1. New England’s Regional Student Program

The New England Board of Higher Education (NEBHE) offers Tuition Break Program. It is also known as the Regional Student Program (RSP). RSP Tuition Break enables New England residents to enroll at out of state New England public colleges and universities at a discount. Connecticut, Maine, Massachusetts, New Hampshire, Rhode Island and Vermont are a part of the program.

Students are eligible when they enroll in an approved major. This tends to be one not offered by the public colleges and universities in their home state. More than 1,200 undergrad and grad degree programs are available. And you can use the database on the NEBHE site to look up the 82 public colleges and universities that offer them. In 2018 to 2019, the programs helped over 8,100 NE residents get an average tuition break of $7,900 each.

2. Midwestern Student Exchange Program (MSEP)

The Midwestern Higher Education Compact oversees the MSEP or Midwest Student Exchange Program, the region’s tuition reciprocity program. Illinois, Indiana, Kansas, Michigan, Minnesota, Missouri, Nebraska, North Dakota, and Wisconsin participate in the program. Through MSEP, public schools agree to charge no more than 150% of the in-state rate for specific programs. Private schools offer a 10% discount on their tuition rates.

In 2018, there were 13,166 students in MSEP programs and savings of $93.5 million dollars by 2019. That said, decisions about enrollment are at the discretion of the host campus. Many also set specific rules for MSEP programs that apply to admission.

3. Western Undergraduate Exchange (WUE)

The Western Interstate Commission for Higher Education (WICHE) offers the Western Undergraduate Exchange (WUE) program. WUE covers hundreds of majors at over 160 two and four-year schools. The program is also available for students in 16 WICHE member states. Alaska, Arizona, California, Colorado, Hawaii, Idaho, Montana, Nevada, New Mexico, North Dakota, Oregon, South Dakota, Utah, Washington, Wyoming, and the CNMI.

Thus, out-of-state students pay no more than 150% of in-state tuition at member schools. This compares with non-resident rates that can exceed 300% of in-state rates. In 2018 – 2019, over 40,000 students reported saving more than $380.5 million dollars on out of state tuition through WUE.

4. Western Regional Graduate Program (WRGP)

Another WICHE run program is the Western Regional Graduate Program (WRGP). WRGP enables residents to enroll in available grad programs outside of their home state at resident tuition rates. Specifically, you pay up to 150% of resident tuition. The program is also available whether you are pursuing a master’s degree, grad certificate or doctorate. And if eligible, there are over 800 grad programs at some 60 public colleges that take part. If the program you want to enroll in is eligible, you need to apply directly to the university’s graduate studies department. In fall 2018, 1,478 students enrolled through WRGP and saved $22.7 million dollars in tuition.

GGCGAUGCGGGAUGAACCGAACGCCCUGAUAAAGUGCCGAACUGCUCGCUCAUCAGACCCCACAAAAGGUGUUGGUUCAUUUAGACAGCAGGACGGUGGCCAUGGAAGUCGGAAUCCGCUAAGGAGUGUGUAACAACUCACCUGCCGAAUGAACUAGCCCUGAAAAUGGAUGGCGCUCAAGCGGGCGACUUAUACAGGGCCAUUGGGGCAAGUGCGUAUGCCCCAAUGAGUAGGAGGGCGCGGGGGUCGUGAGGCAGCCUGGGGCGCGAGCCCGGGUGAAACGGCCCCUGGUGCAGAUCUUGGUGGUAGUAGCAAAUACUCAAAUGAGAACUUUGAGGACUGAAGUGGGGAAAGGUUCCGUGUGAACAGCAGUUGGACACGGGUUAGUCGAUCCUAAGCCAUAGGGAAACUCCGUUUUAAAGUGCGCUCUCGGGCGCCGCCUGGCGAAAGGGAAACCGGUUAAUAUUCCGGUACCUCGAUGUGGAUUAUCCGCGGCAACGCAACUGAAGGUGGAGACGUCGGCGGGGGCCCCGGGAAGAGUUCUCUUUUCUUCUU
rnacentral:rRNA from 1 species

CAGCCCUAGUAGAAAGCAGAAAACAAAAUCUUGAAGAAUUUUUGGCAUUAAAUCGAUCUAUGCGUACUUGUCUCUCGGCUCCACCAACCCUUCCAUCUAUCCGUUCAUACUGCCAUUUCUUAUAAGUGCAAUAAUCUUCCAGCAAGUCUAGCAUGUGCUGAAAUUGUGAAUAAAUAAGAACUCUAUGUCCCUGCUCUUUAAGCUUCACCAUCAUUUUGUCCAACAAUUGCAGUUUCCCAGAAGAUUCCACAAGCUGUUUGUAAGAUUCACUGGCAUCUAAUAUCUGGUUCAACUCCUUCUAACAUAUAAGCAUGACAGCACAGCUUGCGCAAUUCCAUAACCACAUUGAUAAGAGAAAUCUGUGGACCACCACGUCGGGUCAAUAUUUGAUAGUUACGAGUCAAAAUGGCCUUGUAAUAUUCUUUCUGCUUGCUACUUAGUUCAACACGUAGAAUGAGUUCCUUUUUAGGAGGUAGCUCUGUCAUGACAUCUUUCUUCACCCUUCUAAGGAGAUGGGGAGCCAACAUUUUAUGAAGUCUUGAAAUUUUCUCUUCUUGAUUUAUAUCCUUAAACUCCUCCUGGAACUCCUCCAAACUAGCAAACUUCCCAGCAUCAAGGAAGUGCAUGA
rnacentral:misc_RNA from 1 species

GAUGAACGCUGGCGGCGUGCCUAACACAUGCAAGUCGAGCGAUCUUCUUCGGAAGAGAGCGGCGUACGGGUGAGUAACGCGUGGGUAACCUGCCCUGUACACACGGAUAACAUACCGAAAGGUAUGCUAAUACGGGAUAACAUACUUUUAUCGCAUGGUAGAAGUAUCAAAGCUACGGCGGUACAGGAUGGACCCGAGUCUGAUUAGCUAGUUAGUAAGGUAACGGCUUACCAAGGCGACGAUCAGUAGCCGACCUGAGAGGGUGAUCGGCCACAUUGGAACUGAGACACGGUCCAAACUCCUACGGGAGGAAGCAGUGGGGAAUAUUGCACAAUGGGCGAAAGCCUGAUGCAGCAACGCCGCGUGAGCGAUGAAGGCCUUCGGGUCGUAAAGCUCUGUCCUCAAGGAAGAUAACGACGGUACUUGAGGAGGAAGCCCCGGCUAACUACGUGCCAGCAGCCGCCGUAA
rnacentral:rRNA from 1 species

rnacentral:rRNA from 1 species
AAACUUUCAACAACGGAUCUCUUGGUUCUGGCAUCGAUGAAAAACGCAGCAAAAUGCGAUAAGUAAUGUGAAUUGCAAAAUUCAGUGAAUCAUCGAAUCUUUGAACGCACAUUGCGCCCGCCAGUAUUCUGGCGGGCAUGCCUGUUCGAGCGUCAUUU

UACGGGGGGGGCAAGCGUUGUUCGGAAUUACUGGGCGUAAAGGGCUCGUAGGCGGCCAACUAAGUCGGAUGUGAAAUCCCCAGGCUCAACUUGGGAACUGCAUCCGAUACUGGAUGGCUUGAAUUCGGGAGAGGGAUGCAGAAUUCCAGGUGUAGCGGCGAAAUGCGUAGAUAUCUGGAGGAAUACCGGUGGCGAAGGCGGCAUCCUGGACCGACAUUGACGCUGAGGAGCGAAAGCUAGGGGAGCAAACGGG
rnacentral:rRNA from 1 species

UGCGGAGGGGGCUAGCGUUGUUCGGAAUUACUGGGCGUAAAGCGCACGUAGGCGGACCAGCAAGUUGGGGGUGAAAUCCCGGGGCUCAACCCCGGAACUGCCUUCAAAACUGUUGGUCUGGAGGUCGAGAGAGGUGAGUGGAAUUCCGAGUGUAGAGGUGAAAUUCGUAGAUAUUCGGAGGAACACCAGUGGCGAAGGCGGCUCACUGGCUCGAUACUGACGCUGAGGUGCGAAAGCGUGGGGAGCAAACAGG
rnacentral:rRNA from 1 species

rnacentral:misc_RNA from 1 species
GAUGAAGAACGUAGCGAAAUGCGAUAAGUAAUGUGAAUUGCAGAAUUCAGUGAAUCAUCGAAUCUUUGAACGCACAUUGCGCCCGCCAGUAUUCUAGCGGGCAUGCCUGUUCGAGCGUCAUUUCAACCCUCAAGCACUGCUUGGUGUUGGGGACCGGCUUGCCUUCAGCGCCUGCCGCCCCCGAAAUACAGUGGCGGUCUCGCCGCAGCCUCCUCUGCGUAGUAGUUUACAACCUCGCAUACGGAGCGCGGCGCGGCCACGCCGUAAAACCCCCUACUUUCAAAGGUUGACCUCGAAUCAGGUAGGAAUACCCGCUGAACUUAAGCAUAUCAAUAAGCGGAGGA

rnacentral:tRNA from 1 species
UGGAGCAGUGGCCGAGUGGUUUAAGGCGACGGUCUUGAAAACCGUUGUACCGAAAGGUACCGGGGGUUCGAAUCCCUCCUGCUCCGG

5. WICHE’s Professional Student Exchange Program (PSEP)

WICHE also offers the Professional Student Exchange Program (PSEP). PSEP is for students in 10 western states and the CNMI. It enables those whose major is a health care profession to enroll in selected out of state professional programs. There are 10 approved health care studies which are Dentistry, Medicine, OT, Optometry, Homeopathic Medicine, Pharmacy, PT, Physician Assistant, Podiatry and Veterinary Medicine. That said, PSEP only fund students whose major is unavailable in one of their in state public colleges.

6. Southern Regional Education Board – Academic Common Market

The Southern Regional Education Board (SREB) offers Academic Common Market (ACM). ACM provides tuition discounts for more than 1,900 academic programs in 15 states. Participating states incllude Alabama, Arkansas, Delaware, Florida, Georgia, Kentucky, Louisiana, Maryland, Mississippi, Oklahoma, South Carolina, Tennessee, Texas, Virginia, and West Virginia. The program is only if you want to pursue a degree that an in-state school does not offer. You can enroll in out-of-state school that offers the degree program you want and pay the in-state tuition rates.

7. SREB’s Regional Contract Program

Another program from the SREB is the Regional Contract Program. It enables you to pursue a professional health degree at out-of-state school. Students will pay in-state tuition at public schools or reduced tuition at private colleges. There are currently seven member states such as Arkansas, Delaware, Georgia, Kentucky, Louisiana, Mississippi, and South Carolina. In order to receive reduced tuition, students must be studying dentistry, medicine, optometry, osteopathic medicine, podiatry or veterinary medicine.